(Opinion pdf pages 16 – 17).

The Glazed Maple Design Copyright is Not for a Process or Idea.

The district court thought that because Mannington devoted so much of its argument to describing how it created the Glazed Maple design, that Mannington was trying to protect an uncopyrightable idea or process.

Mannington focused its evidence and arguments on its process for creating the image because Home Legend’s primary challenge to the validity of Mannington’s copyright was the contention that the design lacked copyrightable originality. Mannington showed copyrightable originality by presenting evidence about how it created the design by altering the natural appearance of the wood. That does not mean that Mannington tried to copyright the process through which it produced the design. The copyright protects only the specific two-dimensional digital artwork design that Mannington registered, a design that it created by combining digital images of fifteen maple planks, stained to appear time worn and combined in a specific design.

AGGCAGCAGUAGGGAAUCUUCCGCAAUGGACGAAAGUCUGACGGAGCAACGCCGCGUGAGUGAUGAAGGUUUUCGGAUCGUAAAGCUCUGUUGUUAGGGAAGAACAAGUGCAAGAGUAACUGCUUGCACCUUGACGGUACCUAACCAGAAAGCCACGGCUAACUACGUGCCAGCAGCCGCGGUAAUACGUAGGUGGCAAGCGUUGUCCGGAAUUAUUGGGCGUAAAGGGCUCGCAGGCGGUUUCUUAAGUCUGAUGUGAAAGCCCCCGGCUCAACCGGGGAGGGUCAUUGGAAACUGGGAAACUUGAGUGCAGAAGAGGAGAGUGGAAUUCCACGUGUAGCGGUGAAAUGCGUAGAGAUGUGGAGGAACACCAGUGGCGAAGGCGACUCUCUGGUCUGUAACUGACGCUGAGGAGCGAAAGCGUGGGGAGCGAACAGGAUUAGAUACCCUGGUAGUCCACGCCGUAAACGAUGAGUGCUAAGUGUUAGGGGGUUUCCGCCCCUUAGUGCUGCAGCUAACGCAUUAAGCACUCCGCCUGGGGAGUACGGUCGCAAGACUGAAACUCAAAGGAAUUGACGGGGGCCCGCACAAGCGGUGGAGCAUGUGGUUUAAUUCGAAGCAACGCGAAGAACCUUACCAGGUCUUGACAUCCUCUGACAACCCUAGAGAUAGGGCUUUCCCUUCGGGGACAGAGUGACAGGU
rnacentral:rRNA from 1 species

(Opinion pdf page 18).

The Eleventh Circuit Concluded that Mannington Owns a Valid, But Thin, Copyright in the Glazed Maple Design.